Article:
Scientifically speaking, we know that once death occurs, all pain ceases, and the murdered human being ceases to be—no doubt, his or her death continuing to influence and affect the lives of those who knew the story. The evolutionary argument is an even harsher one than the scientific: evolutionary theory suggests that death is an important part of “natural selection” and that only the most confused, foolish, and worthless members of society are in danger of dying, since they are “less adapted to their environment” and thus “reduce their contribution to the gene pool.”

“Meh. They all deserved it.”

In this case, an evolutionary view of society is in direct contrast to the humanistic view of society. What obligation do the champions of the gene pool, the Darwinian winners, have to protect and cherish the socially inept, unsuccessful and least profitable classes? Government-sponsored segregation and annihilation of the poor, as well as the mentally and physically disabled, and minority races, is a recurring drama taking place throughout multiple generations of history—from the Church’s intolerance of opposing religious views, to acts of genocide committed by infamous dictators, to even modern instances of the upper class eliminating sustenance desperately needed by the poor. Humankind continues to struggle with these Darwinian concepts, often referring back to his/her evolutionary instincts, rather than taking the moral high road of compassion.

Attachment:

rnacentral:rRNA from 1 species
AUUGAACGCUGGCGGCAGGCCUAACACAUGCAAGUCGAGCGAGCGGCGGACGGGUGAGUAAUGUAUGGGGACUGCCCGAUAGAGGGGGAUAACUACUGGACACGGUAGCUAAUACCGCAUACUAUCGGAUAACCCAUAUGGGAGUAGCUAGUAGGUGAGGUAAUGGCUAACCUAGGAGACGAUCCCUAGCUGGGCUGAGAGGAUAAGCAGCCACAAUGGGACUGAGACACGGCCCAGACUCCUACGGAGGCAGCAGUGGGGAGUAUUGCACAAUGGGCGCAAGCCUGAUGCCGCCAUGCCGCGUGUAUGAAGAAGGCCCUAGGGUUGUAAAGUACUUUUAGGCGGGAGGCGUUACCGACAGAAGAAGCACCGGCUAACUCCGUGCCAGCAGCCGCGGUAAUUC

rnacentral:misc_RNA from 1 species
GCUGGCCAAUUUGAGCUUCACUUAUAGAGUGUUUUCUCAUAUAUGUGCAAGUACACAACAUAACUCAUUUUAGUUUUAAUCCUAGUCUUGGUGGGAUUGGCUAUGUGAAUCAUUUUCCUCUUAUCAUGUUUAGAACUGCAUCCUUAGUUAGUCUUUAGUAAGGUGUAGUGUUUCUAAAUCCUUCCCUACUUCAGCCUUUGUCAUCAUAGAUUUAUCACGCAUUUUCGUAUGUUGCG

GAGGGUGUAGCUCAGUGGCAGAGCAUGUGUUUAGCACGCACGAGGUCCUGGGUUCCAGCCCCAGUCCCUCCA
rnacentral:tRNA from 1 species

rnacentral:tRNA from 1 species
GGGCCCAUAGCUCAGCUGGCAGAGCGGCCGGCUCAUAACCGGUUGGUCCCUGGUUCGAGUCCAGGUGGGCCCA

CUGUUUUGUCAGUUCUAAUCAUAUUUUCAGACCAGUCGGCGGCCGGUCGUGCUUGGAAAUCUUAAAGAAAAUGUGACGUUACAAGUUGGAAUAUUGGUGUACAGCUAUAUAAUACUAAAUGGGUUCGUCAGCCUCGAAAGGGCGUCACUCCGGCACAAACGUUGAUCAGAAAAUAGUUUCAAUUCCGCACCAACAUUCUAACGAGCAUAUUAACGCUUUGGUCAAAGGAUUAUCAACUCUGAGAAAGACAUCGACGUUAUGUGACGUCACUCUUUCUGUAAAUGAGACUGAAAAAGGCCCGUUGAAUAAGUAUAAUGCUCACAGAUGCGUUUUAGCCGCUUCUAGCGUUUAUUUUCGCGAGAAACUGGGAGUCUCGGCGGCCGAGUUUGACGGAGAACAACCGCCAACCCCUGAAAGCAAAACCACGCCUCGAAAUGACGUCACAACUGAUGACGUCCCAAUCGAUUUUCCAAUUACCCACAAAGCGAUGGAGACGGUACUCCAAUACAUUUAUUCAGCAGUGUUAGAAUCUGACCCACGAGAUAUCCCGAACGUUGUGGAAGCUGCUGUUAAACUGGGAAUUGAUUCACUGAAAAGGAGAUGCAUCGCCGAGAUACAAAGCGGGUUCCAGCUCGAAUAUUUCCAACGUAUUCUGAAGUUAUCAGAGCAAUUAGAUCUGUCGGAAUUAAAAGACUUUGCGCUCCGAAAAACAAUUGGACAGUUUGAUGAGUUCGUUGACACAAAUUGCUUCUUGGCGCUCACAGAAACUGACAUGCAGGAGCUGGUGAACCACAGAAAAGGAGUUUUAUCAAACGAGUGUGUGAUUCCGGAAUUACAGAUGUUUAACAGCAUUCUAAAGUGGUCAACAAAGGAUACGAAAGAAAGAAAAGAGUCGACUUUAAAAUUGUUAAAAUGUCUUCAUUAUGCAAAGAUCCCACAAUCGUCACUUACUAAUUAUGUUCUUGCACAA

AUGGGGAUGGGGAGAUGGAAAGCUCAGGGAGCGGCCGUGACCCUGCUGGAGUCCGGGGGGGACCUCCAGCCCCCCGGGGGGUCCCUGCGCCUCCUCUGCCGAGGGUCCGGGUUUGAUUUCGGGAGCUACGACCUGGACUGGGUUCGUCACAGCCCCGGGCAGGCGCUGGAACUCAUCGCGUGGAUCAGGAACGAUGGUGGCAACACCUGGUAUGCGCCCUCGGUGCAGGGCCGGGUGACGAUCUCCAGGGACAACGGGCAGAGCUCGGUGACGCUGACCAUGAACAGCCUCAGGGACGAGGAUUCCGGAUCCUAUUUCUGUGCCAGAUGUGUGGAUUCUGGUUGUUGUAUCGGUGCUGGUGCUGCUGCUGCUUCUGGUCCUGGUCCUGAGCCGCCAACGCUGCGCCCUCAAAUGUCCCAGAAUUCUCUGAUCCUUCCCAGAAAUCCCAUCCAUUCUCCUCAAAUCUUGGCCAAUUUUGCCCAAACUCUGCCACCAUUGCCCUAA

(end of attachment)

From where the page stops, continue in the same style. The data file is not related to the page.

Our strong sense of compassion suggests that we ought to render help and assistance to everyone, regardless of their social status, disability, and unprofitability. In the case of the death penalty, our social conscience (indeed, the true Christian conscience) suggests that we have an obligation to provide help and show mercy even to the people who do not deserve such. Namely, murderers, thieves, rapists, traitors, terrorists and every other sort of sociopathic being who would wish to do us harm.